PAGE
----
In The Magnificent Abersons, director Laurence Green focusses on Dutch Canadians, a group for whom identity seems so profoundly unproblematic that they are commonly called Canada's invisible immigrants. Typical of this trend are Green's in-laws -- with the exception of the family patriarch, Karel van den Heuvel. His pioneering spirit and sense of pride in his Dutch heritage echoed Jane Aberson's example. As a tribute to both Karel and Jane, this film attempts, in its own small way, to highlight the historical presence of Dutch Canadians, to help make the invisible visible.
The Magnificent Abersons marks Green's return to the theme of Canadian identity which he first explored in Reconstruction. The film won eight international awards from Leipzig to Ann Arbor, including The John Spotton Award at the 1995 Toronto International Film Festival.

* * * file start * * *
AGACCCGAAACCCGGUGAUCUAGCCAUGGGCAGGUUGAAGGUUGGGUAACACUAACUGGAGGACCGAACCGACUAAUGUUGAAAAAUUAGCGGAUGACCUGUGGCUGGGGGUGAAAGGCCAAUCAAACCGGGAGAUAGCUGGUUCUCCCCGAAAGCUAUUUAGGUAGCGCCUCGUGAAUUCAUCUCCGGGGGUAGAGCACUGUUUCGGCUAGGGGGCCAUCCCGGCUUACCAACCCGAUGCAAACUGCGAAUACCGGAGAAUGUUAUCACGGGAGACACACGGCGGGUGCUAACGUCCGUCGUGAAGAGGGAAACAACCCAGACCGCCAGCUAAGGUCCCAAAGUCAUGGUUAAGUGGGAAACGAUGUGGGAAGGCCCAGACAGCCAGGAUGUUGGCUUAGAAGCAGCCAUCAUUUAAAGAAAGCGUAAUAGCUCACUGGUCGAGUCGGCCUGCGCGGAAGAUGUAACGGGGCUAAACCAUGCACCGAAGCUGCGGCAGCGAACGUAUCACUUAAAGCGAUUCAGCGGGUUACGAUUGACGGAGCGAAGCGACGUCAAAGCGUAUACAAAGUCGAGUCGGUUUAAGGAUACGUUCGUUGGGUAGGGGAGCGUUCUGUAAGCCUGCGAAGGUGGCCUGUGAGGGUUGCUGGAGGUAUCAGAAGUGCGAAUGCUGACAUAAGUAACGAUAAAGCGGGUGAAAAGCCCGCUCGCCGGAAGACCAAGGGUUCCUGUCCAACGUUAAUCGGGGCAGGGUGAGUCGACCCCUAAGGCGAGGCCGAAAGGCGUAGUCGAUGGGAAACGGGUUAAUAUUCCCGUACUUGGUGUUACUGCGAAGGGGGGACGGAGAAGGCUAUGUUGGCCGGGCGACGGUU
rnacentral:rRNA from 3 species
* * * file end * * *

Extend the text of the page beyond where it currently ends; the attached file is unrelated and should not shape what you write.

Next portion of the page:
While The Magnificent Abersons visits a place of apparent cultural absence, where identity seems buried rather than displayed, Reconstruction poetically examines the human face of extreme cultural distinctiveness.
Laurence Green works as a director, and is a professor of film production at York University, Toronto.